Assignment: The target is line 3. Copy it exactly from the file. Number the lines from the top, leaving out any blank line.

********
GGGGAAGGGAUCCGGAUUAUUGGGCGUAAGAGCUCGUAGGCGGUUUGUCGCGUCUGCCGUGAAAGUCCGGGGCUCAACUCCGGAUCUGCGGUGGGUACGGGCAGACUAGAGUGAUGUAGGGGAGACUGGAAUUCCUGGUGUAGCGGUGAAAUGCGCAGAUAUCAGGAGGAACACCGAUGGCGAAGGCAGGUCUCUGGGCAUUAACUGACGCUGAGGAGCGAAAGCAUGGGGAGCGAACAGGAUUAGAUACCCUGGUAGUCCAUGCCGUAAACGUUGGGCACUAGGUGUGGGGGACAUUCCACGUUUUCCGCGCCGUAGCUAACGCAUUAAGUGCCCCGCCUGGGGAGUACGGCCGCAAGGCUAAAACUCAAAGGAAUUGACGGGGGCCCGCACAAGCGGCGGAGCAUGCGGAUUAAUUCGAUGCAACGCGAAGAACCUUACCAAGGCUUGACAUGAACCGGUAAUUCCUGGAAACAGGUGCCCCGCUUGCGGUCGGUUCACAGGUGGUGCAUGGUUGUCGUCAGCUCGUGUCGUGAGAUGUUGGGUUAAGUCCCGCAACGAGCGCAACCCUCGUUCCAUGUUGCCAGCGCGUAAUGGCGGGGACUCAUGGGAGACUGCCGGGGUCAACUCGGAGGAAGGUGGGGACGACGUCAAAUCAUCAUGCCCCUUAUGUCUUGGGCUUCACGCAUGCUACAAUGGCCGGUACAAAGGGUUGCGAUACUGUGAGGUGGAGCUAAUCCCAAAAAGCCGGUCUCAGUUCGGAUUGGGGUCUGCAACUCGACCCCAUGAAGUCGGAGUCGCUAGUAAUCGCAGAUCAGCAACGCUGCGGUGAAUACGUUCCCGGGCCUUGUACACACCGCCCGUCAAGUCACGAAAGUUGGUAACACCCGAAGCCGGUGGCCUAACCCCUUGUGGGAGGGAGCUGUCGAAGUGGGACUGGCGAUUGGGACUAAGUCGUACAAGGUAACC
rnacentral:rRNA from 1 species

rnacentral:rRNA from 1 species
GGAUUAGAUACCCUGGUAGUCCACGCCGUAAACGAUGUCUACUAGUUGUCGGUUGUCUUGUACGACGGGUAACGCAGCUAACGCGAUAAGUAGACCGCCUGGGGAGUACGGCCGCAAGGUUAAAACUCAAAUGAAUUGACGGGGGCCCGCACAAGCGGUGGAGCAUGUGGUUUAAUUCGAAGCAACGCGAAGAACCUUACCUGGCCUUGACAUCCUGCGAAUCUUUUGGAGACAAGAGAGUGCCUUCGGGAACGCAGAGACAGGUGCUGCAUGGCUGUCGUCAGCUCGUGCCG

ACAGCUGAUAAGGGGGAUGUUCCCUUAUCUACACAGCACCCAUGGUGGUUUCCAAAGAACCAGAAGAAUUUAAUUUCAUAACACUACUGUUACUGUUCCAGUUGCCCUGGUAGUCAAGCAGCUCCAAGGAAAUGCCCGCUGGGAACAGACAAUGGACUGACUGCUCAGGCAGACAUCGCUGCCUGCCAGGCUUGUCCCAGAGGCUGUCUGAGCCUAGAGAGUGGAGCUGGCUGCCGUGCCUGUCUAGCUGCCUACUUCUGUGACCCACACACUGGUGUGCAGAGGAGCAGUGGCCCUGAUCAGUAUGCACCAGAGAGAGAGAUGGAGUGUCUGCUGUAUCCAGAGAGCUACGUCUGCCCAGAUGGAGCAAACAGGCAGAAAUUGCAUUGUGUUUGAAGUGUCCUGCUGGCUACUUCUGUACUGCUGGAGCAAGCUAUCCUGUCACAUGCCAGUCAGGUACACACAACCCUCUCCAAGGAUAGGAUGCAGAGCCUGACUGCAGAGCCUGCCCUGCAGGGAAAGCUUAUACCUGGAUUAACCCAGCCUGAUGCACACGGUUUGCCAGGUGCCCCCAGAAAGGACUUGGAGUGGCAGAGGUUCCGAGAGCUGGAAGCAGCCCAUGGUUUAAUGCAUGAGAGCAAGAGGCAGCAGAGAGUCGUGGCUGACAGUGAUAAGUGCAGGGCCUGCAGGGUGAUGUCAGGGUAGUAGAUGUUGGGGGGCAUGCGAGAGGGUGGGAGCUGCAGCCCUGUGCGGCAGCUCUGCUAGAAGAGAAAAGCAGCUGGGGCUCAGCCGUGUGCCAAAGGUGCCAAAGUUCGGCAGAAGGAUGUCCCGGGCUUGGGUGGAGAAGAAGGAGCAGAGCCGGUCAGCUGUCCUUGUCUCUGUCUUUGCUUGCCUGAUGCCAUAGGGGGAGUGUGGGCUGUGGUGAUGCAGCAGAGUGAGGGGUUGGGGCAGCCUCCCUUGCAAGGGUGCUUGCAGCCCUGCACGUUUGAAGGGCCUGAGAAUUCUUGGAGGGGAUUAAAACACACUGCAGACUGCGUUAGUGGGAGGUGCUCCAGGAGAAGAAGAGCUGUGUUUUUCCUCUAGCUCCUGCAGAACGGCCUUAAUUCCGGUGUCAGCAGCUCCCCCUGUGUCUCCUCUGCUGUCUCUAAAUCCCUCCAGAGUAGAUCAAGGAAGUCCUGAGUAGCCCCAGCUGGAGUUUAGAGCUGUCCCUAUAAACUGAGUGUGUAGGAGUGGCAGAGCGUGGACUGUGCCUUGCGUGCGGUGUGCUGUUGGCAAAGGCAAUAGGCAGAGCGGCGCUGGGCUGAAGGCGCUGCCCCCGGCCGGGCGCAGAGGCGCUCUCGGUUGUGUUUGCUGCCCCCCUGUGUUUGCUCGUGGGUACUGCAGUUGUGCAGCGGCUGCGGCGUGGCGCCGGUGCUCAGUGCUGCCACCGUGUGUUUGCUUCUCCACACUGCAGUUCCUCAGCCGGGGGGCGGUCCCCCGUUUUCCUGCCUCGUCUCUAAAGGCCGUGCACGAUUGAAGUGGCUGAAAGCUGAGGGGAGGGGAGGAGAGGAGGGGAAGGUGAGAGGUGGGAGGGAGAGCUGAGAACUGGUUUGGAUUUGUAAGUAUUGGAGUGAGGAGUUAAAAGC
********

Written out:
rnacentral:rRNA from 1 species